It was simultaneously a homecoming and an introduction for presumed next state Senate President Bill Ferguson (D-Baltimore City), as Ferguson addressed a large gathering of Montgomery County leaders Friday morning to discuss the upcoming General Assembly session.
Speaking to the annual legislative breakfast of the group Committee for Montgomery, Ferguson moved quickly to dispel any concerns about the gravitational forces pulling legislative leadership toward the Baltimore region, with Ferguson’s looming ascension and the recent rise of House Speaker Adrienne A. Jones (D-Baltimore County).
Ferguson, 36, grew up in Montgomery County — in the Flower Valley neighborhood — and reminisced about “spending half my high school days” at a Roy Rogers on Rockville Pike. He also joked about the challenge of trying to get to an event at Montgomery County at 7 a.m.
Earlier this month, Ferguson announced that Sen. William C. Smith would become chairman of the Judicial Proceedings Committee. On Thursday, he named several Montgomery lawmakers to key leadership posts, including Sen. Cheryl C. Kagan a vice chairwoman of the Education, Health and Environmental Affairs Committee and Sen. Jeff Waldstreicher as Smith’s vice chairman on JPR (Sen. Brian J. Feldman is keeping his job as vice chairman of the Finance Committee).
Sen. Craig J. Zucker will become chairman of the Democratic Caucus and chairman of the education subcommittee on the Budget and Taxation Committee. Sen. Susan C. Lee will remain majority whip. While Ferguson removed Sen. Nancy J. King as chairwoman of the budget panel, he is moving her to the post of majority leader, and he said Friday that she would be an integral part of his leadership team.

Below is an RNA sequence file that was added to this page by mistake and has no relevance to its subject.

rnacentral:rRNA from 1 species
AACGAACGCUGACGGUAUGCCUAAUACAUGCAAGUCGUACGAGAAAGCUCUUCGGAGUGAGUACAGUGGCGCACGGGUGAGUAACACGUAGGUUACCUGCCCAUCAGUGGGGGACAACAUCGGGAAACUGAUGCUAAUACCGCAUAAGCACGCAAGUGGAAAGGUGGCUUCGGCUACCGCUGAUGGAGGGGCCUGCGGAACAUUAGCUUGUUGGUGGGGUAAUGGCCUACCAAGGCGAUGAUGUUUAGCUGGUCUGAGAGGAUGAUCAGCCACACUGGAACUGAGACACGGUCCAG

Ferguson name-checked all eight Montgomery senators during his breakfast address, but was most effusive in his praise for King, listing some of her accomplishments and asserting that she would be “an absolutely incredible majority leader who I continue to learn from every day.”
During the breakfast, which brings together hundreds of politicians, business leaders, educators, civic activists and union leaders, Ferguson tried to dismiss any talk of creeping regionalism in the State House. He said communities across Maryland share common problems — and that solutions for tackling these problems can be found in every jurisdiction.
“We rise and fall together,” he said. “That’s the story of our state and I think our leadership structure reflects that.”
Ferguson did not mention by name the reform recommendations and funding increases sought by the so-called Kirwan Commission to improve public education in the state — a priority of Montgomery County officials also. But he did assert that “world-class opportunities” for Maryland students would be “priority No. 1, priority No. 2 and priority No. 3” during the legislative session.
Other speakers discussed the looming fight over Kirwan more directly.
“We are going to fight like hell for Kirwan and for school construction,” said Montgomery County Executive Marc B. Elrich (D). “This is game-changing. We all know it’s game-changing.”
Asked in a panel discussion whether Democrats had the votes in the General Assembly to override a threatened veto by Gov. Lawrence J. Hogan Jr. (R) if the legislature advances tax increases to pay for the Kirwan reforms, Del. Marc Korman (D-Montgomery) replied, “Not only that. I’m not really sure that the governor really knows what he’s opposing.”
Korman predicted the legislature would adopt “a complex menu of revenue increases” that would not include increases to the sales, property or personal income taxes.
Asked the same question about a potential veto from Hogan, Zucker said he wanted to persuade the governor to persuade Hogan to support the Kirwan plan.
“My hope is the governor puts the children of Maryland first,” he said. “The children should not be political pawns in this.”
Also speaking at the Committee for Montgomery breakfast: U.S. Sen. Chris Van Hollen (D-Md.), state Treasurer Nancy K. Kopp (D) and Montgomery County Council President Sidney Katz (D).
Shortly after the breakfast concluded, Hogan in a news release announced that the state would invest an additional $130 million for education initiatives.